Suncoast Credit Union, Florida's largest credit union, signed a definitive agreement to acquire Apollo Bank, setting the Tampa-based credit union up for a major move into the Miami market, the financial institutions announced Tuesday. The sum of the deal is undisclosed.
If regulators approve the deal, it would be the largest bank acquisition by a credit union since 2012, when the Federal Reserve Bank of St. Louis began tracking such figures.
"The Miami market is the most populous market in the state and we just felt like Suncoast, being what it is, we owe it to Florida and Miami to have a presence down there to offer great financial services options to those consumers in that market," Suncoast CEO Kevin Johnson told Banking Dive.
Suncoast's plans highlight a growing trend in the financial services industry. Credit unions have announced 16 bank acquisitions this year, nearly doubling the nine deals announced in 2018, according to American Banker. Credit unions "are getting bolder and bolder," said Alex Sanchez, president and CEO of the Florida Bankers Association.
Banks and industry trade groups have slammed the practice, saying tax exemptions give credit unions an unfair advantage.
The Independent Community Bankers of America (ICBA) launched a campaign in October aimed at ending what it calls "risky practices, costly tax subsidies, and irresponsibly lax oversight" of credit unions. It accused some credit unions of neglecting their mission to serve low-income households.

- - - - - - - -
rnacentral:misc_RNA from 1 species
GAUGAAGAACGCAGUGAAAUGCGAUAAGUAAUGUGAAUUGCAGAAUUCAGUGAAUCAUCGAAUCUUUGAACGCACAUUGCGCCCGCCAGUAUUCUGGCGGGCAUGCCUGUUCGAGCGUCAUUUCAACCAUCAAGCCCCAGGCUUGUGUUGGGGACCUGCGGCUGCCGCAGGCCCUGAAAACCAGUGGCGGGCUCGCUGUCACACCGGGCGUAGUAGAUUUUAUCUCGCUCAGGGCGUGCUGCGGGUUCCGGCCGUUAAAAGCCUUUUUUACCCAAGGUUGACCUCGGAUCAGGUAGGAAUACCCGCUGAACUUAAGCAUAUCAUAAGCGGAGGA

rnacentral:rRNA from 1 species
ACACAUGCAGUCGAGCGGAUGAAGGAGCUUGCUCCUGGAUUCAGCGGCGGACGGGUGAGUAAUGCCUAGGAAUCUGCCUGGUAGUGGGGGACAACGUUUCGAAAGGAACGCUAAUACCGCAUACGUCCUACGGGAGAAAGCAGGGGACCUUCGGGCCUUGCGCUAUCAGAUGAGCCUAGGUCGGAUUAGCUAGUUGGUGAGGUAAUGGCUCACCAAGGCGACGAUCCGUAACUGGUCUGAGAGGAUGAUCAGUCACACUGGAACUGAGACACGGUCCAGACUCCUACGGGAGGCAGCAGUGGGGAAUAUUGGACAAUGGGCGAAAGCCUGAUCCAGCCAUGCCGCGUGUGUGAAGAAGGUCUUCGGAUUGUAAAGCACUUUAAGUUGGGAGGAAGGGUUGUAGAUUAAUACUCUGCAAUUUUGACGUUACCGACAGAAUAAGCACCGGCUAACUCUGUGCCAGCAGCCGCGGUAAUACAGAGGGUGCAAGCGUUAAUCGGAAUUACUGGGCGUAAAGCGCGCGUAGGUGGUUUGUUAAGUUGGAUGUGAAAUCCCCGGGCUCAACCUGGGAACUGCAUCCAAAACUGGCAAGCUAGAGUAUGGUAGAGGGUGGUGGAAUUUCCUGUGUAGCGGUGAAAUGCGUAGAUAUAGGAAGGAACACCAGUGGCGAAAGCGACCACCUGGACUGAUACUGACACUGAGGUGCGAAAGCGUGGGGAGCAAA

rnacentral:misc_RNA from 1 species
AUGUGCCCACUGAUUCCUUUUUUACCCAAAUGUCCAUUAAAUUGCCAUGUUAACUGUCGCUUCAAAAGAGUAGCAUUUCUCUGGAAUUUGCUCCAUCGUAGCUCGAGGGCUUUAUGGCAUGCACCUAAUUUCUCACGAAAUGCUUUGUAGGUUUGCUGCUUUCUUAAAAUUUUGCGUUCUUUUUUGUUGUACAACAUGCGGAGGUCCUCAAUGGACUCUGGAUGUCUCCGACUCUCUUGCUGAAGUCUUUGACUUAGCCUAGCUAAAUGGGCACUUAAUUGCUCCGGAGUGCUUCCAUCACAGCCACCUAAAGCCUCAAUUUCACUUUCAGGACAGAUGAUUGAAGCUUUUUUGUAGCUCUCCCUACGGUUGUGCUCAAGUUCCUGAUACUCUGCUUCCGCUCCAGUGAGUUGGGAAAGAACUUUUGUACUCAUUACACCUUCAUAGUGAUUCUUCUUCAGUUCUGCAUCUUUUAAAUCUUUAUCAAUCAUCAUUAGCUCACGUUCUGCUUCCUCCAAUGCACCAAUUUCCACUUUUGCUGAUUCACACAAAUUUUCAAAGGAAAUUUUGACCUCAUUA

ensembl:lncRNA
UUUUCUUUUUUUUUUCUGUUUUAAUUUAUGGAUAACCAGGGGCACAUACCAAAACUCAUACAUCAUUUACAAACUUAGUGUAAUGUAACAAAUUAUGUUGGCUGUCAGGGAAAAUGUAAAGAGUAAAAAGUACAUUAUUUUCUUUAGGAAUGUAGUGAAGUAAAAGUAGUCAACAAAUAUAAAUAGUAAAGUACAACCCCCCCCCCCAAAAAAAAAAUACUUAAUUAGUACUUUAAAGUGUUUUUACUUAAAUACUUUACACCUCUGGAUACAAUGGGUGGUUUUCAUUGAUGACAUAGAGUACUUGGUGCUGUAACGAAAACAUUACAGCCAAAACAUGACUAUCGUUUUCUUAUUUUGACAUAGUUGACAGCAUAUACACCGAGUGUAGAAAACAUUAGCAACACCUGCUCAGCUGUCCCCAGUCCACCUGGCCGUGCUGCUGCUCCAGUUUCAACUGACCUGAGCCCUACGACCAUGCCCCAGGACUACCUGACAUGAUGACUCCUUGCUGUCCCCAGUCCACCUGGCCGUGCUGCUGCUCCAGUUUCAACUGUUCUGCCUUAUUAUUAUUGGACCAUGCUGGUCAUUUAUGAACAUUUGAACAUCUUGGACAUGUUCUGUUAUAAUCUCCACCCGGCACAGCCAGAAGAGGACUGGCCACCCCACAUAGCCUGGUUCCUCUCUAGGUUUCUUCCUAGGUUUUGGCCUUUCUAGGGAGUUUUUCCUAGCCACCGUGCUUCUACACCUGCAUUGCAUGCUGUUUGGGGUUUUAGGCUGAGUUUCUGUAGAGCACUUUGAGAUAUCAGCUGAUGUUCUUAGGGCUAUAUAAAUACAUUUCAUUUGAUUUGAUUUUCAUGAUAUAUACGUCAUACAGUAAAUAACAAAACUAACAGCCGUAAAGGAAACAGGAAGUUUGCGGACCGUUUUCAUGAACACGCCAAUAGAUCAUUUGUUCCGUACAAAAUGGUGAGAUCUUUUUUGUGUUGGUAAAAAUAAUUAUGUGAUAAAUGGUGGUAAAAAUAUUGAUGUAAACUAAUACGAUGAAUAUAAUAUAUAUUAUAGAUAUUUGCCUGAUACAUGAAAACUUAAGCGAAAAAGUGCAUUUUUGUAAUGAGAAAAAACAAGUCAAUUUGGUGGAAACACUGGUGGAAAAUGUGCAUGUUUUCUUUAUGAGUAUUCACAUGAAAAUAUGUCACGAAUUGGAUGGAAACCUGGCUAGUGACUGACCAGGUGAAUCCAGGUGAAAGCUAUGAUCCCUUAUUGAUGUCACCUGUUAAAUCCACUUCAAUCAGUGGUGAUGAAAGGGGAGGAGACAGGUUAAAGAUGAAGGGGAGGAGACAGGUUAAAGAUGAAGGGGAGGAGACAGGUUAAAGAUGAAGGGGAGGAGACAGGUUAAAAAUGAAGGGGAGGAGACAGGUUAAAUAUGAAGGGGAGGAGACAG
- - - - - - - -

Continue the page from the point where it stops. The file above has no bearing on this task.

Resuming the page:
Johnson said the trend represents a desire for credit unions to expand their reach in an accelerated time frame.
"One of the reasons [for the trend] is to enter new markets. It gives you a head start — being able to become profitable in that market, gain traction in the market and build brand awareness in the market," he said. "Acquiring another financial institution that is established in a new market is much quicker than if you go in there and build it organically."
Suncoast, which has $10 billion in assets and more than 866,000 members, has had its eyes on Miami for some time, Johnson said.
Apollo Bank, which was founded in 2010 by CEO and Chairman Eddy Arriola, has five branches in Miami, $746 million in assets and around 100 employees. Suncoast will rebrand those branches and keep all of Apollo's employees, Johnson said.
"All the employees are integral to our success," he said. "They know their current customers and they know the Miami market, so we're going to rely on them heavily."
The decision to acquire Apollo also stems from the bank's strong commercial portfolio, Johnson said.
"Apollo has a lot of talent around commercial lending and commercial deposits. And while we have that at Suncoast, it's only going to strengthen our team to bring in the expertise especially in that market," he said.
Arriola will serve as Suncoast's South Florida market president once the acquisition is complete.
"Nearly a decade after launching, we realized that partnering with a larger institution would put our team in position to offer even more products and services to clients while allowing our bank to scale," Arriola said in a statement. "After considering a range of options, it became clear that Suncoast Credit Union was the right partner. Suncoast is a Florida market leader that shares Apollo Bank's deep-rooted commitment to client service and community involvement."